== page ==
A British pensioner and his partner were murdered today in a horrific vehicle accident that is being investigated by Thai authorities.
When the accident occurred, the Briton was travelling in a white Toyota Yaris with his younger male partner, Tawid Kanadee, 27.
CCTV video reveals that Tawid slowed down to make a right turn onto a side road before being rear-ended by a silver Honda CRV. They were thrust directly into the path of an approaching black Isuzu pickup vehicle as a result of the accident.
The car collided with the Toyota, and the British victim, who was seated in the front left passenger seat, which took the brunt of the hit, had to be extricated from the debris immediately after the collision, which occurred at around 4:30 p.m. local time. He was declared deceased at the spot.
Tawid was transported by paramedics to the hospital, where he eventually succumbed to his accident-related injuries.
According to paramedics, the little car’s wreckage had to be dismantled in order to reach the British victim.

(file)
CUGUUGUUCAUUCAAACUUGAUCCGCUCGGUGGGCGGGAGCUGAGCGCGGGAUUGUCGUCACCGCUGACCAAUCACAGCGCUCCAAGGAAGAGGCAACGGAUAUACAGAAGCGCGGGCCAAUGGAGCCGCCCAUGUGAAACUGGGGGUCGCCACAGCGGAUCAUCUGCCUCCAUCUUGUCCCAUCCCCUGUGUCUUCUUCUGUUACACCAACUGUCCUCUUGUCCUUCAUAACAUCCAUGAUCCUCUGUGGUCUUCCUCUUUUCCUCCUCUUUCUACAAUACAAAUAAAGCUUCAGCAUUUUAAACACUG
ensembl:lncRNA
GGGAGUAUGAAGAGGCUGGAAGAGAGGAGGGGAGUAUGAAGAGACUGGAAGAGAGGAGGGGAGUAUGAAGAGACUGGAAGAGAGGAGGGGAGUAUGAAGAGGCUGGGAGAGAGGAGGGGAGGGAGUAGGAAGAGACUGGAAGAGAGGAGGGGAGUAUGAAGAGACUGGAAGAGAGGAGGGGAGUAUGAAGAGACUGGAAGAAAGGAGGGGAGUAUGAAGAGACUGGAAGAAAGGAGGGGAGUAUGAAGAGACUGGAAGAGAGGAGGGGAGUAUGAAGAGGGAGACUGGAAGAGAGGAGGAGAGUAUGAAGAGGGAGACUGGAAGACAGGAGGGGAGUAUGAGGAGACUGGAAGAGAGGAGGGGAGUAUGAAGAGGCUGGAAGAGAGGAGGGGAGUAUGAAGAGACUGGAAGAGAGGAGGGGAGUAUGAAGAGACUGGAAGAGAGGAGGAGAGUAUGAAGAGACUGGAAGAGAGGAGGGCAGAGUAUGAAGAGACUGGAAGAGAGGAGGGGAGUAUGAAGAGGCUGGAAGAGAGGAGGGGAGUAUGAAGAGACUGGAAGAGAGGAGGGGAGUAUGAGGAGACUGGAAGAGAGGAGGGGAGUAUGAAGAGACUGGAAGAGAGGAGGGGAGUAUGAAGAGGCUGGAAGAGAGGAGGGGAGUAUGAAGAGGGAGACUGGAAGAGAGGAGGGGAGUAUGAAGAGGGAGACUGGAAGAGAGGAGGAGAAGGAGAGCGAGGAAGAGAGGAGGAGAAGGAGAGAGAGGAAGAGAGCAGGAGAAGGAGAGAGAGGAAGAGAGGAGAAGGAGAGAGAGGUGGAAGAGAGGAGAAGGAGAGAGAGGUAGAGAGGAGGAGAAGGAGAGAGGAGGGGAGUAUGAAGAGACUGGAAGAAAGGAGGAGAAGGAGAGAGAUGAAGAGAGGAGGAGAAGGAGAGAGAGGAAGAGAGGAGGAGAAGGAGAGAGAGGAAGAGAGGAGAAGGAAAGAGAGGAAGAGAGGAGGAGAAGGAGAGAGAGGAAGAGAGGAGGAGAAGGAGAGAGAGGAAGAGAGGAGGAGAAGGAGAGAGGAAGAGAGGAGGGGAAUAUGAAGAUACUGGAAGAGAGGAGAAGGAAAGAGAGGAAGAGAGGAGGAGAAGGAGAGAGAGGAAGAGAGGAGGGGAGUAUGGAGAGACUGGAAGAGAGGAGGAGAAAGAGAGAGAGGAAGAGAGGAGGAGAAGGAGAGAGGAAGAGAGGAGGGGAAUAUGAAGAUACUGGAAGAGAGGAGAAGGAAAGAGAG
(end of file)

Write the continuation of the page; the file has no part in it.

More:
When slowing down to turn into a side road, the silver Honda CRV driven by school director Dr. Kanittha Thonglert, 57, collided with the rear of the couple’s vehicle, according to the findings of the investigation.
It appears that the black Isuzu had little time to respond when the automobile was pushed into its path. The other drivers involved in the collision did not sustain major injuries.
Lieutenant Colonel Ronnapong Chorsai of the Sawang Wirawong Police Station said, “The investigating officer is in the process of gathering evidence to file charges against the people involved who drove recklessly and caused the collisions and death.”
The tragic incident occurred barely one week after a truck and school bus collision at the same location in which one person was killed and one was wounded.
Thailand has one of the worst road safety records in the world. Ministers have established a target of lowering mortality from 32,7 per 100,000 to 12 per 100,000 by 2027.
However, a lack of road safety education in schools, inexpensive automobile loans, infamously easy driving examinations, police failures to enforce road regulations, pervasive corruption, and chronic underinvestment in infrastructure impede the attempts.